You mean that fruit flavored yogurt isn’t good for me? What about that Gatorade? Or that granola bar? Or that cinnamon flavored oatmeal packet? Foods often billed as “healthy” can pack a major sugar rush. Unfortunately, there’s no daily requirement for sugar in the human diet. We just DO NOT NEED IT to survive. In fact, it’s a healthy diet saboteur for sure. While some carbohydrates are necessary to fuel the body you can get all the carbs you need from from fruits and veggies. Next time you have a sweet tooth, skip the lemon meringue yogurt and reach for an apple.
All posts tagged Diet
Today I started eliminating wheat from my diet.
I am so inspired by Dr. William Davis’ book Wheat Belly, by the advice of my OBGYN Dr. Christine Collins, and by Amanda Palmer who’s following SCD (a wheat free diet) that I’m really truly going to try to stick to it for the next 7-days. I’ve tried this before, after my last pre-surgery appointment with Dr. Collins, but I wasn’t strict. Interestingly, Dr. Collins and I discussed a possible connect between endometriosis and wheat and soy consumption. I explained that when I cut out processed soy products (veggie sausage lunch + veggie burger dinner = body poison) I experienced less pain during my period and less PMS before. She further theorized that wheat’s insulin spikes and inflammatory properties cause inflammation in the body, like the endometriomas she found inside me. She then pointed me to the current bestseller Wheat Belly.
I’m only halfway through the book, but here’s what I’ve learned so far.
Modern wheat is Bad!
The wheat we eat today is markedly different from the wheat our grandparent’s used fifty years ago. Beginning in 1943 a man named Dr. Norman Bourlaug developed an exceptionally high-yielding dwarf wheat. This new wheat was easier to grow and harvest and by the 1980s this dwarf wheat, along with the information gained in producing it, lead to thousands of new strains of wheat, “the most high yielding of which have been adopted worldwide.”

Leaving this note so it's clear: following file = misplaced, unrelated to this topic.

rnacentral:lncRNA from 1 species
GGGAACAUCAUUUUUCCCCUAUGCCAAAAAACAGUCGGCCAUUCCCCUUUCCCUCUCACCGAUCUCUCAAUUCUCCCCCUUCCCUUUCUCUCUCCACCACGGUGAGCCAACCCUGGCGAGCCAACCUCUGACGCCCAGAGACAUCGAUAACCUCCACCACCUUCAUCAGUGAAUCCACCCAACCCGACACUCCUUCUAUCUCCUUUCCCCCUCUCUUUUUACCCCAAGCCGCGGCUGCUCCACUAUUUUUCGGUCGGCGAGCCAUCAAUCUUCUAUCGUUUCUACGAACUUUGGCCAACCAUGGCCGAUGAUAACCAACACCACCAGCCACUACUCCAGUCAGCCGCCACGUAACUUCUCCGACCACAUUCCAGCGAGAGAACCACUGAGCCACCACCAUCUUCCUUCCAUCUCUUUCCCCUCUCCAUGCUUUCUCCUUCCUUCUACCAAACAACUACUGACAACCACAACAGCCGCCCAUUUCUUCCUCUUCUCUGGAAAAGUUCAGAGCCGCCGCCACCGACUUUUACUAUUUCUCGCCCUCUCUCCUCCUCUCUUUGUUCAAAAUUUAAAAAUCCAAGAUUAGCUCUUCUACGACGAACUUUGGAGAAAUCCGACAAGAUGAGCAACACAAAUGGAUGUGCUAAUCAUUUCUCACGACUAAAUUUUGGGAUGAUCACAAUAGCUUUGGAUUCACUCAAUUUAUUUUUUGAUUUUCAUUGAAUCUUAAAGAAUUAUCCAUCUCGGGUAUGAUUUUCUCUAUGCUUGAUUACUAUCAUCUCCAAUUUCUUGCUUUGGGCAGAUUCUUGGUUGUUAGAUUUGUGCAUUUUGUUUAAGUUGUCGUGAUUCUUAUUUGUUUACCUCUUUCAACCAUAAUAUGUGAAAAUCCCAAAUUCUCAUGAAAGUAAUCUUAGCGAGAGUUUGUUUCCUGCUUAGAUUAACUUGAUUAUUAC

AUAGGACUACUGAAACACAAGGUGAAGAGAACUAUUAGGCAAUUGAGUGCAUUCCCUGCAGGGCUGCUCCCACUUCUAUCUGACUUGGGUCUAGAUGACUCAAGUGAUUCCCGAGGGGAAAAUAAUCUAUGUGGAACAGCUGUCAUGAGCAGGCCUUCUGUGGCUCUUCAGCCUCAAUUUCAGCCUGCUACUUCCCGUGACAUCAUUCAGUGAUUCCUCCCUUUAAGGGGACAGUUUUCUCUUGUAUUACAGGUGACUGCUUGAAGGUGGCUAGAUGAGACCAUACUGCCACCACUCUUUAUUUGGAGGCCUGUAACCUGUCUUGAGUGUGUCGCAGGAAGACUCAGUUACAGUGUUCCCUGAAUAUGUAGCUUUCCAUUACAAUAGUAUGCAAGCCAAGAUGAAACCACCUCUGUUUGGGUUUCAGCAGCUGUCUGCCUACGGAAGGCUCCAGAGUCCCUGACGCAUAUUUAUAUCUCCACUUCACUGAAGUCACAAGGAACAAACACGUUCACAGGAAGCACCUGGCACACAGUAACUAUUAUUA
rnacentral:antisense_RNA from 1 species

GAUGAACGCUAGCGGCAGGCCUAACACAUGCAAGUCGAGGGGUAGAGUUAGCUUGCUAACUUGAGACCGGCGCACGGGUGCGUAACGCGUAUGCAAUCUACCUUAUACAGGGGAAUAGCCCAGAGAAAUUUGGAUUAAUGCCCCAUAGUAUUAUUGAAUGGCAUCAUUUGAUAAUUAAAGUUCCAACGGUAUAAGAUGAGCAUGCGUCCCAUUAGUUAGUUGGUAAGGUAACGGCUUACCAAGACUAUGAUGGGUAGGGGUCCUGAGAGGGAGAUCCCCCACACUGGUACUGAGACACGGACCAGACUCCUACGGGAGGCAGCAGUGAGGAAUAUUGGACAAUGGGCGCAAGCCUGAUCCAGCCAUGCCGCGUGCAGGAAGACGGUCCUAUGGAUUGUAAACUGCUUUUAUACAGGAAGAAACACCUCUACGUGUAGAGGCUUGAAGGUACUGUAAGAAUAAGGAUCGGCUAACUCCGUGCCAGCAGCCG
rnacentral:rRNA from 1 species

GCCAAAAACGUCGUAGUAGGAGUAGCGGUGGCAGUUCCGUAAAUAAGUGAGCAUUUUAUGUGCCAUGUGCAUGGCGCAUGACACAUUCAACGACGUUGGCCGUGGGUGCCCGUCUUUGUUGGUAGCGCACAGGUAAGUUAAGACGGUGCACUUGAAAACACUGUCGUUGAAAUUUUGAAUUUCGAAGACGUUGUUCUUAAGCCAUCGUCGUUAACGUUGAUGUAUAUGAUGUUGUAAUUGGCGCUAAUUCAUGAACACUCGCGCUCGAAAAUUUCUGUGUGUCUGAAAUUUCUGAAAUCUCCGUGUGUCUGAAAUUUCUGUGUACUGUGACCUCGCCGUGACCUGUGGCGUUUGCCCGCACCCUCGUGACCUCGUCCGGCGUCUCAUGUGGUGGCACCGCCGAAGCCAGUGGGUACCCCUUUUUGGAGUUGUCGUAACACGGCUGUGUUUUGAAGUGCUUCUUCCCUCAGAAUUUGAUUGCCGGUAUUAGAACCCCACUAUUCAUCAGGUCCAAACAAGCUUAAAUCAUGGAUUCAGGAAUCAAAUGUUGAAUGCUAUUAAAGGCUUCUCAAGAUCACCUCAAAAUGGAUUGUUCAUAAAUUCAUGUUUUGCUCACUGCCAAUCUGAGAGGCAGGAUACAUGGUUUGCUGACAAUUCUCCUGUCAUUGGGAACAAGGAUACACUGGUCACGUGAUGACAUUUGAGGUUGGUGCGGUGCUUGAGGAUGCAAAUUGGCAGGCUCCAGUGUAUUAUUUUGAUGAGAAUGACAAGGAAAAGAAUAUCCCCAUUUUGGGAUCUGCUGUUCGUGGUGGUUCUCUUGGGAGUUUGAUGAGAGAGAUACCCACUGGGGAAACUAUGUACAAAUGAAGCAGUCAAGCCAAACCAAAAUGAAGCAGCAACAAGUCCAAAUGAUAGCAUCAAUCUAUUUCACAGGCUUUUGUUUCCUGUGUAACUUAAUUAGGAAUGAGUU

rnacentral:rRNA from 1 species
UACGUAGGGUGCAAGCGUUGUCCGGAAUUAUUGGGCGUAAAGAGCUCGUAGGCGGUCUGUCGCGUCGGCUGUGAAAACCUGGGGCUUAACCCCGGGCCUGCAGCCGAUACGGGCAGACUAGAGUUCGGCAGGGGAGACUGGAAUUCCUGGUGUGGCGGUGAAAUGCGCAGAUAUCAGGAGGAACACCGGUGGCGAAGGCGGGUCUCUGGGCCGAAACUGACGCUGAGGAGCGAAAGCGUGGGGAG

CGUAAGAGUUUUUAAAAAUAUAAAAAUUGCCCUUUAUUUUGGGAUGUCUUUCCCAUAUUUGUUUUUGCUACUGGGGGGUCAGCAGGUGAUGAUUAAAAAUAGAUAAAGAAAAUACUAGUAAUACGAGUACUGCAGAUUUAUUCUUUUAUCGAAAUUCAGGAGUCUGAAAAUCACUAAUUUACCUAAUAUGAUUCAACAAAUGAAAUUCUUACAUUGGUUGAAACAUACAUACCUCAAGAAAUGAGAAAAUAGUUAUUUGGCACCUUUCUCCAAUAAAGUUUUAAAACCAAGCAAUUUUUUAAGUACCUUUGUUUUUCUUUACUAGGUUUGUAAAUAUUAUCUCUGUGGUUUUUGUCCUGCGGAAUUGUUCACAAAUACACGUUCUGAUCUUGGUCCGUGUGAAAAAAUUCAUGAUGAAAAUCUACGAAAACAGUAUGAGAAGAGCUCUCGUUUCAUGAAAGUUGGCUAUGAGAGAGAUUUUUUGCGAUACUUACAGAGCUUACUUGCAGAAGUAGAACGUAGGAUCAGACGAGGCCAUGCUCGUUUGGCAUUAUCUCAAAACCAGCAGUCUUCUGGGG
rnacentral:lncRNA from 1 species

As a result of bringing more food to the world, Dr. Bourlaug received the Novel Peace Prize in 1970. While he did help the globe respond to spikes in population in places like China, none of this new wheat was examined for safety or for long-term effects on humans. After all, it wasn’t nature’s carefully orchestrated natural selection process that gave birth to this new breed, but a sped up, scientific hybridization approach. Finally, around 1999, the FDA imposed restrictions on genetically modified foods, requiring tests and studies before these foods can be introduced for human consumption.
With that said, there are things in modern wheat (strains developed long before the FDA stepped in), that we just don’t understand. While “95 percent of the proteins expressed are the same,” there are compounds found in hybrid wheat that can not be traced back to either parent. Some differences include “fourteen new gluten proteins” and ” a higher quantity…that are associated with celiac disease.” Great. Modern wheat is just bursting with irritating proteins and mysterious molecules.